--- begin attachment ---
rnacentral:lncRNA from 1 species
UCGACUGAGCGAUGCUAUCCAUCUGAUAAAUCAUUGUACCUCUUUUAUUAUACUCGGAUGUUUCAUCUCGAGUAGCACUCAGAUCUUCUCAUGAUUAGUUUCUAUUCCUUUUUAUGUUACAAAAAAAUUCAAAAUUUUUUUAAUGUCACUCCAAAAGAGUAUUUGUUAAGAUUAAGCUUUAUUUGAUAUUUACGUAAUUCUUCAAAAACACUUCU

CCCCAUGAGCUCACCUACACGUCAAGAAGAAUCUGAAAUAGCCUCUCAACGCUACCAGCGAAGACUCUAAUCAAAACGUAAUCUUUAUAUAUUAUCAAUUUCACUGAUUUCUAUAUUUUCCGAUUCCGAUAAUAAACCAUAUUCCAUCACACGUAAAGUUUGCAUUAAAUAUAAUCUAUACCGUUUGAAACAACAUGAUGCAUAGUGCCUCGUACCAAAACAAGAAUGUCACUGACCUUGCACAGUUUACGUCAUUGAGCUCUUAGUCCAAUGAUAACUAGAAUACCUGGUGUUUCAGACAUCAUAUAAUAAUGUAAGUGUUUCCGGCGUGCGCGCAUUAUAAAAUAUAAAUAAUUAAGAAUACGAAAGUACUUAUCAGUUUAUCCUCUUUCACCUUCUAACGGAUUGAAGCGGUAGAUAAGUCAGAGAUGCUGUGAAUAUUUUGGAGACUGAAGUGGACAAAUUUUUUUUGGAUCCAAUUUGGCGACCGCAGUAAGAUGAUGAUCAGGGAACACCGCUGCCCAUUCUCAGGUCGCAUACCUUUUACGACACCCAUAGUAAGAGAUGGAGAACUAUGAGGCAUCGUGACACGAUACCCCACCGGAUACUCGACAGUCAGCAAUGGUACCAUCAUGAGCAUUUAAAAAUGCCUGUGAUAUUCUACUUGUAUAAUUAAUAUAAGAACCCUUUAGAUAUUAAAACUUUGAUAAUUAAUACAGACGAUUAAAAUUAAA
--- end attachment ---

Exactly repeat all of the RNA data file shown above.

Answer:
rnacentral:lncRNA from 1 species
UCGACUGAGCGAUGCUAUCCAUCUGAUAAAUCAUUGUACCUCUUUUAUUAUACUCGGAUGUUUCAUCUCGAGUAGCACUCAGAUCUUCUCAUGAUUAGUUUCUAUUCCUUUUUAUGUUACAAAAAAAUUCAAAAUUUUUUUAAUGUCACUCCAAAAGAGUAUUUGUUAAGAUUAAGCUUUAUUUGAUAUUUACGUAAUUCUUCAAAAACACUUCU

CCCCAUGAGCUCACCUACACGUCAAGAAGAAUCUGAAAUAGCCUCUCAACGCUACCAGCGAAGACUCUAAUCAAAACGUAAUCUUUAUAUAUUAUCAAUUUCACUGAUUUCUAUAUUUUCCGAUUCCGAUAAUAAACCAUAUUCCAUCACACGUAAAGUUUGCAUUAAAUAUAAUCUAUACCGUUUGAAACAACAUGAUGCAUAGUGCCUCGUACCAAAACAAGAAUGUCACUGACCUUGCACAGUUUACGUCAUUGAGCUCUUAGUCCAAUGAUAACUAGAAUACCUGGUGUUUCAGACAUCAUAUAAUAAUGUAAGUGUUUCCGGCGUGCGCGCAUUAUAAAAUAUAAAUAAUUAAGAAUACGAAAGUACUUAUCAGUUUAUCCUCUUUCACCUUCUAACGGAUUGAAGCGGUAGAUAAGUCAGAGAUGCUGUGAAUAUUUUGGAGACUGAAGUGGACAAAUUUUUUUUGGAUCCAAUUUGGCGACCGCAGUAAGAUGAUGAUCAGGGAACACCGCUGCCCAUUCUCAGGUCGCAUACCUUUUACGACACCCAUAGUAAGAGAUGGAGAACUAUGAGGCAUCGUGACACGAUACCCCACCGGAUACUCGACAGUCAGCAAUGGUACCAUCAUGAGCAUUUAAAAAUGCCUGUGAUAUUCUACUUGUAUAAUUAAUAUAAGAACCCUUUAGAUAUUAAAACUUUGAUAAUUAAUACAGACGAUUAAAAUUAAA